Chapter 3: Productivity, Innovation, and Strategy Flashcards Preview

MGMT 250: Information Technology Management > Chapter 3: Productivity, Innovation, and Strategy > Flashcards

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Productivity / labour productivity

the ratio of the
gross domestic product (GDP) of a country divided by the total paid
hours worked by people in the country.


primary indicator of our per
capita income

labor productivity (based on Conference board of Canada)


Labour productivity in Canada

measures the value that Canadian workers
generate per hour, which, for the latest data available, was about $50 per
hour (compared with $67 for the U.S. and $75 for Norway ).


Most experts agree that to enhance productivity,

Canada must foster a culture of innovation, open its industries to more
competition, and increase the amount of machinery and equipment
(M&E) in the economy (particularly in the Information and Communications Technology (ICT)


Information and Communications Technology (ICT)

Provides products and services that other industries rely on to get their
work done.


Productivity paradox

The lack of evidence of an increase in worker productivity associated with
the massive increase in investment in information technology.


Business value

Tangible benefits for organizations through either more efficient use of
resources or more effective delivery of their services to customers.


Researchers have
suggested three different ways in which the value of IT can be realized.

1) The first is through productivity.
2) The second way to realize the investment value of IT is through the
structure of competition
3) The final way that IT investment value is realized through benefits to the
end customer


1) The first is through productivity.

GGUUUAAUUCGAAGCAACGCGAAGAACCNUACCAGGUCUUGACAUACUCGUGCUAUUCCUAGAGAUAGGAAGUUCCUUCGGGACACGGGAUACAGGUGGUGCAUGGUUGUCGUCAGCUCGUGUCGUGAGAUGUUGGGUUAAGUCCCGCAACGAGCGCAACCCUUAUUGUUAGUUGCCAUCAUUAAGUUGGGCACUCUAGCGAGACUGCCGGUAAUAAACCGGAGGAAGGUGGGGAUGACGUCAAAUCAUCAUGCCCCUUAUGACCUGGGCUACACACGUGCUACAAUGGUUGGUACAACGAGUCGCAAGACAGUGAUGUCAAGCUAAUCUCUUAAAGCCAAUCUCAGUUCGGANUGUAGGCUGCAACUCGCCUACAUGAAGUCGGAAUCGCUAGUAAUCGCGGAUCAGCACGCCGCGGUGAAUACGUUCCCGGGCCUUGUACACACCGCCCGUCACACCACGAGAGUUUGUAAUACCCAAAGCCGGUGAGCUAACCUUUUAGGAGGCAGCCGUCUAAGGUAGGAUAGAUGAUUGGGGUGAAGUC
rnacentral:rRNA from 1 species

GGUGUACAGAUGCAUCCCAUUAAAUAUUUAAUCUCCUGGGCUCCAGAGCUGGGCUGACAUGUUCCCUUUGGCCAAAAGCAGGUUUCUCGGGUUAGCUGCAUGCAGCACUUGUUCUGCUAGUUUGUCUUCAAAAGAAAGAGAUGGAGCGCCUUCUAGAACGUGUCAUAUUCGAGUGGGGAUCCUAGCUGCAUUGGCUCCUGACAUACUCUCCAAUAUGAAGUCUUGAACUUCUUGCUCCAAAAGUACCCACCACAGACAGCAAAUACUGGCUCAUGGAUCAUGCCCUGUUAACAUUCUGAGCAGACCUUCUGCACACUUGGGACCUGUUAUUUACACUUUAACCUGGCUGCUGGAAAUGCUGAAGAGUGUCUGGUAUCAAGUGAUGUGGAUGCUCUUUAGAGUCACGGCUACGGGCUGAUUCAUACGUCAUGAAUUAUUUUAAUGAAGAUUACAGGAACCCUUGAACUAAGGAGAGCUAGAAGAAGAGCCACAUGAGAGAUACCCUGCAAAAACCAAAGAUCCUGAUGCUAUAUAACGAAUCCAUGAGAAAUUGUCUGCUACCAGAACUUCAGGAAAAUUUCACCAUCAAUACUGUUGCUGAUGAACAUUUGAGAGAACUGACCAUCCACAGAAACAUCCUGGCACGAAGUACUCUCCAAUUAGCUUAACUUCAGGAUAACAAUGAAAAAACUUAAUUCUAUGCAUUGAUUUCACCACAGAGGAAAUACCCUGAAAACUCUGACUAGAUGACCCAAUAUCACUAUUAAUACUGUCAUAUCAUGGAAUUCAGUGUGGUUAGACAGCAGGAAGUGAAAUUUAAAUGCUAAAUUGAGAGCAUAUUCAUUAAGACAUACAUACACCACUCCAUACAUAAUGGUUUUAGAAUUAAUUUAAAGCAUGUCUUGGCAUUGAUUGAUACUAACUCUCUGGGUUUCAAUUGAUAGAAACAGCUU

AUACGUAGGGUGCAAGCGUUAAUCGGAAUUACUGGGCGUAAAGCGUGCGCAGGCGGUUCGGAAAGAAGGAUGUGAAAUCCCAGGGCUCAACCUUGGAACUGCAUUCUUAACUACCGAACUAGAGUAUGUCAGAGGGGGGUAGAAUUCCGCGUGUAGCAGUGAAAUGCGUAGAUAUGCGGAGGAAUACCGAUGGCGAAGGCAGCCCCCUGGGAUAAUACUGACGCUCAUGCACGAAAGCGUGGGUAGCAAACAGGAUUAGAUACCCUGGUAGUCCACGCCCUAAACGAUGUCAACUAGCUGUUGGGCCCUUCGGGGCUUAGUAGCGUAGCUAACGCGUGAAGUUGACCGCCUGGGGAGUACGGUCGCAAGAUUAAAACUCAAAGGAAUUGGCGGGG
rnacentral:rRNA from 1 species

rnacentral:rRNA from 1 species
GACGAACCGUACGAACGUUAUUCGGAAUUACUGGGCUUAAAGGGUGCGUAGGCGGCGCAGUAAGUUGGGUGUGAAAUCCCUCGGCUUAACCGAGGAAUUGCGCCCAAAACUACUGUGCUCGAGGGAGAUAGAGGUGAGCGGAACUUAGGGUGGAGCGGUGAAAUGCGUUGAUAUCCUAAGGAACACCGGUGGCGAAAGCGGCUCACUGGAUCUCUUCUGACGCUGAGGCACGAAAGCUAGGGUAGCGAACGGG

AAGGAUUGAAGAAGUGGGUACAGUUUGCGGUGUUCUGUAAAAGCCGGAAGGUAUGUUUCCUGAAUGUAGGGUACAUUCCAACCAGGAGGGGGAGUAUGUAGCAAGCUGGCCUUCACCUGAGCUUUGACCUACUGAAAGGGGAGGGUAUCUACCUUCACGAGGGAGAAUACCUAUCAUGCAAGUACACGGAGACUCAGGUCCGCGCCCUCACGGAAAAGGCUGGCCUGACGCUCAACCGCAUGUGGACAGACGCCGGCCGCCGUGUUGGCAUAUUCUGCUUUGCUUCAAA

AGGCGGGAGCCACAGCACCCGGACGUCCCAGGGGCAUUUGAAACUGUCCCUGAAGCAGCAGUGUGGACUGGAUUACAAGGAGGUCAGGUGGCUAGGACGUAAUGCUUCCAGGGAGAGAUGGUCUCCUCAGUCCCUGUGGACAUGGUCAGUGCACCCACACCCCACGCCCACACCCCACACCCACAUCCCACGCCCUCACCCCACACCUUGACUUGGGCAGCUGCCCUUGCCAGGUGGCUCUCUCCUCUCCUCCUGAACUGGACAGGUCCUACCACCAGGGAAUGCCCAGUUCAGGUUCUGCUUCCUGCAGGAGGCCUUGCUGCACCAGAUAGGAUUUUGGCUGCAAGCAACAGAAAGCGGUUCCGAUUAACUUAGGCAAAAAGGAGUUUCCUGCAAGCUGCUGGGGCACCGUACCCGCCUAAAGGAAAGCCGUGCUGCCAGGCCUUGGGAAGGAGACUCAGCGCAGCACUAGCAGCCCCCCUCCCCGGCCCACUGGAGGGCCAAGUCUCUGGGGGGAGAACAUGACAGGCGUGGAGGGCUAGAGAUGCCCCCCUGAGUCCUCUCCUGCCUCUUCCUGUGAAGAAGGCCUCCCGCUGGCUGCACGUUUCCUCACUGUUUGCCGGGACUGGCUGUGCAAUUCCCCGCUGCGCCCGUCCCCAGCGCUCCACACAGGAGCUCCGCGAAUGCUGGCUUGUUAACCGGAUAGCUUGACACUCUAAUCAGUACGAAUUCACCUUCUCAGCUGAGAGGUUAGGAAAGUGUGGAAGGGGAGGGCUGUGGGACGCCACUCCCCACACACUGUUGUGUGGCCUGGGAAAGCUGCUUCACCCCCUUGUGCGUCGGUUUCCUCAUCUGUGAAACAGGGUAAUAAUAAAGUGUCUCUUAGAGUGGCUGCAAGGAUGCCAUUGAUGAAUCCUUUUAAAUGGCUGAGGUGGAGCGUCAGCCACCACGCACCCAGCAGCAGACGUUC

IT allows a company to create more
and/or better output from the same inputs and create them faster than
before the technology was in place. For example, if you had a small
accounting firm, investing in IT might allow you to add more customers,
automate basic tasks

This investment makes the firm more
efficient and potentially more effective.


The second way to realize the investment value of IT is through the
structure of competition

IT can alter the way corporations compete. For
example, if one accounting firm invests in IT, then rival firms will often
follow suit to stay current. The competitive structure changes because of
IT to include the software accounting firms offer and the technical
support they can provide.

Example: When IT enabled people to stream and watch movies at home
(usually through Netflix), it eliminated the need to patronize the local
video rental store.


The final way that IT investment value is realized through benefits to the
end customer

IT helps make processes more efficient and changes the
nature of competition. With increased competition, the reduction of costs
associated with new processes is often passed on to the final consumer.
The consumer may, therefore, see cheaper and better goods and services